That’s right. You heard me. 1000 tables. Round ones.
Picture this: A warm Tel Aviv September night. Motzaei Shabbat (Saturday night). The Tel Aviv Museum plaza is filled with round tables—several hundred of them, in fact. Sitting around the tables, in groups of about eight to 10, are several thousand people. Around the country there are several thousand more, sitting around a total of over 1000 tables. Why have they come here, you ask? To talk. About what? Social Justice. Social Change.
Let’s backtrack a little. In case you haven’t noticed, over the past several months, Israel has seen the blossoming one of the greatest social movements since the beginning of the state. Hundreds have taken to the streets, sleeping in tents in the middle of cities and towns across Israel, protesting the rising cost of housing and living.
Other causes have joined the fight. The price of cottage cheese went up. Millions boycotted. The price went back down. A few weeks ago over 400,000 people rallied across Israel—the largest rally in the history of the State of Israel—to march for social justice.
They protested an economic system in which a small elite controls over 90% of the economy, the largest rich-poor income gap in a “developed” country, a political system which, despite elections and re-elections, is failing to meet the basic needs of its people, the loss of a once-held dream to create a country based on social Zionism, but a hope to redefine that dream and create a new social order. But I digress….
Exactly one week after the largest rally in Israel’s history, we gathered around tables. We gathered to discuss what we each and we all felt needed to be change in Israel, and to work together to affect that change.
I showed up with two of my companions from my Tikkun Olam program—a Californian and a Mexican. We showed up a few minutes late and the event had already begun. (I know! An Israeli event starting on time! Fancy that!)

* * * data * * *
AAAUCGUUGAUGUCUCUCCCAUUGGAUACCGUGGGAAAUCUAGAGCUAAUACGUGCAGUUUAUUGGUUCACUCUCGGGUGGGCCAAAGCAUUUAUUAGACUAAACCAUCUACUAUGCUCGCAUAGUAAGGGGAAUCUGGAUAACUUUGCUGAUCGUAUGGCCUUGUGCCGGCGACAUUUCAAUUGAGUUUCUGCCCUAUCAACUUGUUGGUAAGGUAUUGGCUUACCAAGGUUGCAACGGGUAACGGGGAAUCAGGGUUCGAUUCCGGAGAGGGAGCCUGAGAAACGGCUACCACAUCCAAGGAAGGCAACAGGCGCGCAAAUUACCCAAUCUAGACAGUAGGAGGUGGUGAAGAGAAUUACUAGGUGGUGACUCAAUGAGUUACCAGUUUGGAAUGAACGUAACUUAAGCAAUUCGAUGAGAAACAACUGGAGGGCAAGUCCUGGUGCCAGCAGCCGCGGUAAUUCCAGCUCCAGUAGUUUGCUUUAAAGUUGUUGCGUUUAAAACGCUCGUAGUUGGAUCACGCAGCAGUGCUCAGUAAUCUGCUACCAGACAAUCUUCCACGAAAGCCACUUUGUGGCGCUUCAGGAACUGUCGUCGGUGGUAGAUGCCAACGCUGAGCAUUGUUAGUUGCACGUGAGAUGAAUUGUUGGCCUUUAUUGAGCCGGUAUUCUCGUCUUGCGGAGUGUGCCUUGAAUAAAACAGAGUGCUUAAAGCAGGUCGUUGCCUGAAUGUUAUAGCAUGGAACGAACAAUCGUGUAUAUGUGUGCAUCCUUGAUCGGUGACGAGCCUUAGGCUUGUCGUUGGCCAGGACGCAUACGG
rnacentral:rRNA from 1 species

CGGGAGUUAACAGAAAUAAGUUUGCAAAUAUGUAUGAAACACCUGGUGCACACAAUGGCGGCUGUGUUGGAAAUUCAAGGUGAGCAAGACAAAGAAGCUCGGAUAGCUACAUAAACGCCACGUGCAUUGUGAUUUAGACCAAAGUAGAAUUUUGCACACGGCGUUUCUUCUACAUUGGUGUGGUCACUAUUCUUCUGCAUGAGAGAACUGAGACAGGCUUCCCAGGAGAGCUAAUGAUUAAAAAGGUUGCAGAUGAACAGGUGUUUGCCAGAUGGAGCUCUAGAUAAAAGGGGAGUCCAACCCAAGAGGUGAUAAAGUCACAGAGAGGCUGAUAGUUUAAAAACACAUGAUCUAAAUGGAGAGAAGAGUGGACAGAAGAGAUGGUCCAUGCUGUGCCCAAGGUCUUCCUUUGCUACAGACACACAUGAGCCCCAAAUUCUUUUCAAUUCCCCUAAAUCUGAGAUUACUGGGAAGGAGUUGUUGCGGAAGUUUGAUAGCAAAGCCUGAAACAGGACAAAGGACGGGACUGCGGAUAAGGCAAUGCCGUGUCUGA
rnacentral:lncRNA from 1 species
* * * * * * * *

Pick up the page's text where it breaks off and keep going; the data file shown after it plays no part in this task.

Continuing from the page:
We entered the plaza in awe, a heard of deer in the headlights. A group of friendly strangers waved us over to their table, insisted we join them, and scooched around to make room. It was then that we made our new friends: A young public school teacher from outside Tel Aviv, a Russian immigrant, a Tai Chi instructor, a psychodrama practitioner, a proud Tel Aviv native born in 1947 and a man from Holon who had been sitting at home for years, never involved in politics, but now sensed that something was beginning to change and the time had come to come out.
We schmoozed, we laughed, we debated, we collaborated, we translated—a group of strangers who suddenly became like a family. Table #188. It was magical. It was unreal. It was challenging. It was uplifting. It was so… Israeli.
The first question: Who are we and what brought us here?
The second question: What two specific things do we think need to be changed in Israeli society?
The third question: What specific initiative(s) could we commit to taking on—on our own or with the help of others—to work to effect that change?
We Americans at first were hesitant to share our thoughts. “We’re new here,” we said. “No, no, no!” they insisted. “We want to hear you! Perhaps we will learn a new perspective.” We spoke of Israel, of America, of education, of racism, of politics, of race politics of diversity, of understanding, of history, of stories. There was a note-taker at our table—and every table—documenting everything and putting it all online.
It was hard to say goodbye. I will miss my new friends, but I know we’re all moving forward to fight the good fight. I left re-energized, re-inspired, humbled, enlightened and ready to take on the world. I came here to Israel to volunteer for a year, not sure exactly where I wanted to work or what I wanted to do—but now I think I have a few good ideas. We’ll see where they take me now….
This weekend perhaps we can all reflect on the questions asked at 1000 tables:
What two specific things do I think need to be changed in my world?
What can I start doing right now to change them?
Elliot Glassenberg is currently participating in Tikkun Olam in Tel Aviv-Jaffa, one of Masa Israel’s 200 programs.